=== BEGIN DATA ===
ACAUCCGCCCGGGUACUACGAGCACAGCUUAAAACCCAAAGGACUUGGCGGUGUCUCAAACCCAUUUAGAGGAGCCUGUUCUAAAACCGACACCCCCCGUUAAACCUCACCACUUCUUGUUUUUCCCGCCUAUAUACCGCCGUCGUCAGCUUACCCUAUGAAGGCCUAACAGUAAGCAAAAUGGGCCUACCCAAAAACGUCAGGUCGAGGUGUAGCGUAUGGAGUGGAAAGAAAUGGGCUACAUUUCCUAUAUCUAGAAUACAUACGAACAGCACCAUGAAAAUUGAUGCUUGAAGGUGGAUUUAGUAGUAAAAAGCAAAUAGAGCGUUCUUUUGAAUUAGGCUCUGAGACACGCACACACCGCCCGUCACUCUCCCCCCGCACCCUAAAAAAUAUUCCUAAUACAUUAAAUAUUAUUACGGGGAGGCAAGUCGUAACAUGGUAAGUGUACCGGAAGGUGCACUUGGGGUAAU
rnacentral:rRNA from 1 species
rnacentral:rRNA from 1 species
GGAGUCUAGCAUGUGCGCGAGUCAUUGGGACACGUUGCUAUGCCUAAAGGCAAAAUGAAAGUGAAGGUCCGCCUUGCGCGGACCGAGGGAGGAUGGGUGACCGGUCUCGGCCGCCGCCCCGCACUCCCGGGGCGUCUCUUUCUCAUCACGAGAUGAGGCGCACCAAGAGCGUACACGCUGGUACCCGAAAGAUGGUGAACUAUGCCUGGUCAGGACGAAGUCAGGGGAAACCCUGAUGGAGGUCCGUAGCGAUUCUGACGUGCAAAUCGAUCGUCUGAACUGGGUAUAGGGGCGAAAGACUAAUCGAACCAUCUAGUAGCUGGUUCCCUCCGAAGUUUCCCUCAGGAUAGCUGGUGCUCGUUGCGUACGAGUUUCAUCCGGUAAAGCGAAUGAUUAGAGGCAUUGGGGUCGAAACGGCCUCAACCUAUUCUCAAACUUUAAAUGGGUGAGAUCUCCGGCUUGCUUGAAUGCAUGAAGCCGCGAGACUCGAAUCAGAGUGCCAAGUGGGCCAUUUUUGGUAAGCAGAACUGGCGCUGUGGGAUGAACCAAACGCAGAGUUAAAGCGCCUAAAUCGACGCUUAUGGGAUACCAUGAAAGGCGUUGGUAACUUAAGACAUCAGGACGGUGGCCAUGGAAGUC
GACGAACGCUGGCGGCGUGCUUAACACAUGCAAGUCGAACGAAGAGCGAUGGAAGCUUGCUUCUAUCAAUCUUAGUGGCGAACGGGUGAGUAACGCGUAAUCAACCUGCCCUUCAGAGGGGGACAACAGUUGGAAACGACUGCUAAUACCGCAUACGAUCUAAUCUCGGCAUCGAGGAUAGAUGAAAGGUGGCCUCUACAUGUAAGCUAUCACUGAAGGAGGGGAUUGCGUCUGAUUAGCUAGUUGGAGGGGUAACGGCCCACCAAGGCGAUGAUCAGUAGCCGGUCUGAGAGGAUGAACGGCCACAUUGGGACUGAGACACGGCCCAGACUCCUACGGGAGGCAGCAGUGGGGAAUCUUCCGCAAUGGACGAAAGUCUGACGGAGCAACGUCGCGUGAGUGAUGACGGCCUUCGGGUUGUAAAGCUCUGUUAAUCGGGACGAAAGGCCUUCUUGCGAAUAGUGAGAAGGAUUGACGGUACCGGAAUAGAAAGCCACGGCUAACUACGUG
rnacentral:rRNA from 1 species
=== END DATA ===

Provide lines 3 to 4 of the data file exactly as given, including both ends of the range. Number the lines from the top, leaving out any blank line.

rnacentral:rRNA from 1 species
GGAGUCUAGCAUGUGCGCGAGUCAUUGGGACACGUUGCUAUGCCUAAAGGCAAAAUGAAAGUGAAGGUCCGCCUUGCGCGGACCGAGGGAGGAUGGGUGACCGGUCUCGGCCGCCGCCCCGCACUCCCGGGGCGUCUCUUUCUCAUCACGAGAUGAGGCGCACCAAGAGCGUACACGCUGGUACCCGAAAGAUGGUGAACUAUGCCUGGUCAGGACGAAGUCAGGGGAAACCCUGAUGGAGGUCCGUAGCGAUUCUGACGUGCAAAUCGAUCGUCUGAACUGGGUAUAGGGGCGAAAGACUAAUCGAACCAUCUAGUAGCUGGUUCCCUCCGAAGUUUCCCUCAGGAUAGCUGGUGCUCGUUGCGUACGAGUUUCAUCCGGUAAAGCGAAUGAUUAGAGGCAUUGGGGUCGAAACGGCCUCAACCUAUUCUCAAACUUUAAAUGGGUGAGAUCUCCGGCUUGCUUGAAUGCAUGAAGCCGCGAGACUCGAAUCAGAGUGCCAAGUGGGCCAUUUUUGGUAAGCAGAACUGGCGCUGUGGGAUGAACCAAACGCAGAGUUAAAGCGCCUAAAUCGACGCUUAUGGGAUACCAUGAAAGGCGUUGGUAACUUAAGACAUCAGGACGGUGGCCAUGGAAGUC